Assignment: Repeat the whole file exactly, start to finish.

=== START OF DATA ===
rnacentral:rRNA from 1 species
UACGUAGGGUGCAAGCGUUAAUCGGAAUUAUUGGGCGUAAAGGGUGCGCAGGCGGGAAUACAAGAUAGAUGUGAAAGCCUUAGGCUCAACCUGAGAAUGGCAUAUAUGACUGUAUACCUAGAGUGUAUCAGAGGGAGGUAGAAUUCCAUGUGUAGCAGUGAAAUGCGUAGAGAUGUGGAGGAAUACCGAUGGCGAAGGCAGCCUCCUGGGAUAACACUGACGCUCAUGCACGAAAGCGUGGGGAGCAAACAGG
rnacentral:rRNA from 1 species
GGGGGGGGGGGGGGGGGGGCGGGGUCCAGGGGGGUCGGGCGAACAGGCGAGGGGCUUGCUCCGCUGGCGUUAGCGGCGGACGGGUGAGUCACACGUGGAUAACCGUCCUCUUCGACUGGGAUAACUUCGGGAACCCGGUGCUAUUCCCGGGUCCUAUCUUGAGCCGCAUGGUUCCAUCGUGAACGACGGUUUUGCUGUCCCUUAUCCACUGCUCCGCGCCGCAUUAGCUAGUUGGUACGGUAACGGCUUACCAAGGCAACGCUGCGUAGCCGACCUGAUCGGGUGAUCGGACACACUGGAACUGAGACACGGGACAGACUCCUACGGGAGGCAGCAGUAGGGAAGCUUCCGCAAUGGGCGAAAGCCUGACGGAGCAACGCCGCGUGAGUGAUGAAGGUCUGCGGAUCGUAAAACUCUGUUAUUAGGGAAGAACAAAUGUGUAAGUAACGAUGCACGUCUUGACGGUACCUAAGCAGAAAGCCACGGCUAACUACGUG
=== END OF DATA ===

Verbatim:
rnacentral:rRNA from 1 species
UACGUAGGGUGCAAGCGUUAAUCGGAAUUAUUGGGCGUAAAGGGUGCGCAGGCGGGAAUACAAGAUAGAUGUGAAAGCCUUAGGCUCAACCUGAGAAUGGCAUAUAUGACUGUAUACCUAGAGUGUAUCAGAGGGAGGUAGAAUUCCAUGUGUAGCAGUGAAAUGCGUAGAGAUGUGGAGGAAUACCGAUGGCGAAGGCAGCCUCCUGGGAUAACACUGACGCUCAUGCACGAAAGCGUGGGGAGCAAACAGG
rnacentral:rRNA from 1 species
GGGGGGGGGGGGGGGGGGGCGGGGUCCAGGGGGGUCGGGCGAACAGGCGAGGGGCUUGCUCCGCUGGCGUUAGCGGCGGACGGGUGAGUCACACGUGGAUAACCGUCCUCUUCGACUGGGAUAACUUCGGGAACCCGGUGCUAUUCCCGGGUCCUAUCUUGAGCCGCAUGGUUCCAUCGUGAACGACGGUUUUGCUGUCCCUUAUCCACUGCUCCGCGCCGCAUUAGCUAGUUGGUACGGUAACGGCUUACCAAGGCAACGCUGCGUAGCCGACCUGAUCGGGUGAUCGGACACACUGGAACUGAGACACGGGACAGACUCCUACGGGAGGCAGCAGUAGGGAAGCUUCCGCAAUGGGCGAAAGCCUGACGGAGCAACGCCGCGUGAGUGAUGAAGGUCUGCGGAUCGUAAAACUCUGUUAUUAGGGAAGAACAAAUGUGUAAGUAACGAUGCACGUCUUGACGGUACCUAAGCAGAAAGCCACGGCUAACUACGUG